Integrated roles of mechanics, motility, and disease progression in cancer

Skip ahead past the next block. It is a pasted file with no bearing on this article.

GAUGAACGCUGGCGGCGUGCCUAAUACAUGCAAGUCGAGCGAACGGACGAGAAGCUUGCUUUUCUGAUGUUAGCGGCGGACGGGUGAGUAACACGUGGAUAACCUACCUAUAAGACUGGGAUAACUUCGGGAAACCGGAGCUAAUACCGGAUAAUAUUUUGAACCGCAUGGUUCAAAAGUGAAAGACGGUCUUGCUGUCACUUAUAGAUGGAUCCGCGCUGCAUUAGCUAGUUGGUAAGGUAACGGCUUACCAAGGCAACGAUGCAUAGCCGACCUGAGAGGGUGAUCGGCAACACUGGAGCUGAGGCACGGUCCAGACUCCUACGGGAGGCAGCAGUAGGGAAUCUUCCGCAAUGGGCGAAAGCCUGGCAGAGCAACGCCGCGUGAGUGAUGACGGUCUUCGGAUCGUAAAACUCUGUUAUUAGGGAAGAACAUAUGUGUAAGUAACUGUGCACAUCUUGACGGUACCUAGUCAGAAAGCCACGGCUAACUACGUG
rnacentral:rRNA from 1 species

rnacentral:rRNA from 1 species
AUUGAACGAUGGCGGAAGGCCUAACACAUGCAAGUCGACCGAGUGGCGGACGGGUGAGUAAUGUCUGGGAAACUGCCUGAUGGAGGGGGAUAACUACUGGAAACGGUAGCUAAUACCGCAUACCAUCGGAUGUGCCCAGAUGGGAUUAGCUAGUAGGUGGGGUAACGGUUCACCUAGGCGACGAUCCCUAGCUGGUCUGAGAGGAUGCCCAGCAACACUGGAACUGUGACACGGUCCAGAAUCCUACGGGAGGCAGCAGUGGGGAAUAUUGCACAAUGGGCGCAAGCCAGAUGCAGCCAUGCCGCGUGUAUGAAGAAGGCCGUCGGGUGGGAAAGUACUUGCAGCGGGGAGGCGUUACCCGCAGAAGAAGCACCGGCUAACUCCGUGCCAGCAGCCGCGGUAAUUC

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The broad objective of this research is to examine the relationship between the cellular micromechanical environment and disease progression in cancer. The mechanical stiffness of cancerous tissue is a key feature that distinguishes it from normal tissue and thus facilitates its detection clinically. While numerous inroads have been achieved toward elucidating molecular mechanisms that underlie diseases such as cancer, quantitative characterization of associated cellular mechanical properties and biophysical attributes remains largely incomplete. To this end, the present research provides insight into the following questions: (1) What is the effect of extracellular matrix (ECM) stiffness and architecture on internal cancer cell rheology and cytoskeletal organization? (2) What are the integrated effects of ECM stiffness and cell metastatic potential on the intracellular rheology and morphology of breast cancer cells? (3) What are the integrated effects of ECM stiffness, ECM architecture, and cell metastatic potential on the motility of breast cancer cells? To examine these phenomena, the present research utilizes a multidisciplinary engineering approach that integrates experimental rheology, theoretical mechanics, confocal microscopy, computational algorithms, and experimental cell biology. Briefly, genetically altered cancer-mimicking cells are cultured within synthetic ECMs of varying mechanical stiffness and structure, where they are then observed using time-lapsed confocal microscopy. Image analyses and computational algorithms are then employed to extract measures of cell migration speed and intracellular stiffness via particle-tracking microrheology techniques. Major results show that ECM stiffness elicits an intracellular mechanical response only within the framework of physiologically relevant matrix environments and that a key cell-matrix attachment protein (the integrin) plays an essential role in this phenomenon. Additional results indicate that a well-known breast cancer-associated biomarker (ErbB2) is responsible for sensitizing mammary cells to ECM stiffness. Finally, results also show that a switch in ECM architecture significantly hinders the migratory capacity of ErbB2-associated cells, which may explain why the ErbB2 biomarker is detected with much higher frequency in early stage breast cancer than in later stage invasive and metastatic cancers. In total, these findings inform the fields of mechanobiology and cancer biology by systematically linking cell rheology, cell motility, matrix mechanics, and disease progression in cancer.